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Homelessness is disproportionately an urban problem. According to the Annual Homeless Assessment Report to Congress, 52 percent of the 553,742 people who experienced homelessness on a single night in 2017 lived in the 50 largest U.S. cities. Both the George W. Bush and Barack Obama administrations committed the federal government to preventing and ending homelessness, but the problem has proven to be persistent.
Mayors across the country face relentless pressure to “do something.” The dominant urban stakeholders share a dislike of visible homelessness, which is considered bad for business and bad for property values, and since existing residents—not future ones—vote, mayors and council members tend to act quickly to “clean up” downtowns and remove panhandlers and street sleepers from public spaces—with little interest in where the displaced homeless end up.
Municipal ordinances tend to focus more on displacing and criminalizing homelessness than they do on ending it.
Indeed in recent years, municipal ordinances have focused on displacing and criminalizing homelessness rather than ending it. Business improvement districts throughout the United States have devised ingenious designs to discourage the homeless from being in commercial areas. They install armrests on benches, spikes on ledges, and nighttime LED lights to discourage sitting or sleeping on flat surfaces. Police routinely sweep the homeless from public parks and stations, confiscating people’s belongings and bulldozing encampments—only to have new tent cities spring up somewhere else, “whack-a-mole” fashion.
Moreover, with their hands tied by the dominant interest in urban politics—protecting property values—planners hide emergency shelters in low-rent districts outside commercial downtowns. In the absence of adequate nearby services, lavatories, and other facilities, people experiencing homelessness camp in central locations where they risk being arrested, fined, and jailed for public loitering, sleeping, urinating, panhandling, and performing other necessary functions in public. The National Law Center for Homelessness and Poverty reports that, in 187 cities surveyed, nuisance laws punishing the life-sustaining conduct of homeless people increased in every category since 2006, and in the cases of camping and living in vehicles, dramatically so.
In addition to the political hurdles, conventional wisdom has always held that mayors face insurmountable “city limits” to accomplishing socially redistributive objectives. Cities, this story goes, are unlikely to develop creative and progressive solutions to serious social problems such as homelessness due to the modest powers and feeble revenue sources of local governments.
But contrary to this well-worn narrative—and indeed these disturbing statistics—there are in fact cities where grassroots advocates have prevailed over stiff local opposition from more powerful “high-end” developers and homeowner interests to promote affordable housing and homeless rights.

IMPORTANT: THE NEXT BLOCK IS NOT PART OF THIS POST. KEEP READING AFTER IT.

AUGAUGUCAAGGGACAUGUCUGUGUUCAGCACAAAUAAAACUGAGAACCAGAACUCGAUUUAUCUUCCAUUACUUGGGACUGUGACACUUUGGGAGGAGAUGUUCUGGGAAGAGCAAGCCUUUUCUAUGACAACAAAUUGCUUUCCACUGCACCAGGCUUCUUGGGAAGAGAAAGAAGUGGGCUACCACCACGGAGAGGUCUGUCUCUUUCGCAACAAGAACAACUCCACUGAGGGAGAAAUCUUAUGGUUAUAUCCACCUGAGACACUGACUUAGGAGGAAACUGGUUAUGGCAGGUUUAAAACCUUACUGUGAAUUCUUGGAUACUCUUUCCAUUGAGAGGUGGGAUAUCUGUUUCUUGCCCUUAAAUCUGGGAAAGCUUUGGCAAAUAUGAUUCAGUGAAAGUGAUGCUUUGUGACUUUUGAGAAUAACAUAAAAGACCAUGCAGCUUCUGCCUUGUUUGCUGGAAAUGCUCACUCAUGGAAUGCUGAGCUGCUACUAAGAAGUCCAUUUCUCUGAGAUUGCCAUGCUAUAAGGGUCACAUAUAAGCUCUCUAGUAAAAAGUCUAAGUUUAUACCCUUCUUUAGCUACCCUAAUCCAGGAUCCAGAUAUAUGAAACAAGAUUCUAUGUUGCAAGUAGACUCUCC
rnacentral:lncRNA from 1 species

Ordinary residents have mobilized, protested, collected persuasive information, assessed innovative programs, raised funds, brought lawsuits, built coalitions, attended hearings, and lobbied officials. Despite the “city limits” narrative, cities do have resources and powers to devise solutions, even if modest, to the persistent problem of homelessness. This suggests that the lack of affordable housing is, at least partly, a matter of political will. Both “normal” democratic politics and movement activism can overcome some of the objections of pro-growth and anti-growth forces to building and subsidizing housing for the poor.
Today, cities around the country are reducing homelessness and rapidly rehousing vulnerable families. What follows presents some of the creative ways cities have raised funds and modified regulations to house the homeless.
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Despite the limited revenue sources, progressive cities find ways to raise capital to increase the supply of affordable housing. Indeed, one of the last things mayors want to do is raise taxes, but contrary to the “city limits” argument, some have done so.
For example, in September of 2016, Denver’s city council approved a ten-year, $150 million affordable housing plan, creating a dedicated local funding source for 6,000 additional units. It called for both impact or linkage fees on developers and a property tax increase that would cost a $300,000 homeowner about $12 a year. Moreover, to assuage the tension within the homeless assistance community—between shelter and service providers and Housing First proponents—the city persuaded the nonprofit service providers to cooperate by guaranteeing them funding.
The lack of affordable housing is, at least partly, a matter of political will.
In Los Angeles, in March of 2016, over two-thirds of the voters approved Measure H, a county sales tax of .25 percent to pay for $3.55 billion worth of rental subsidies, counseling, and other services for an estimated 45,000 of the county’s 47,000 chronically homeless individuals and families over the next ten years.
Voters around the country have also ratified bond issues, which are paid off by rents over time.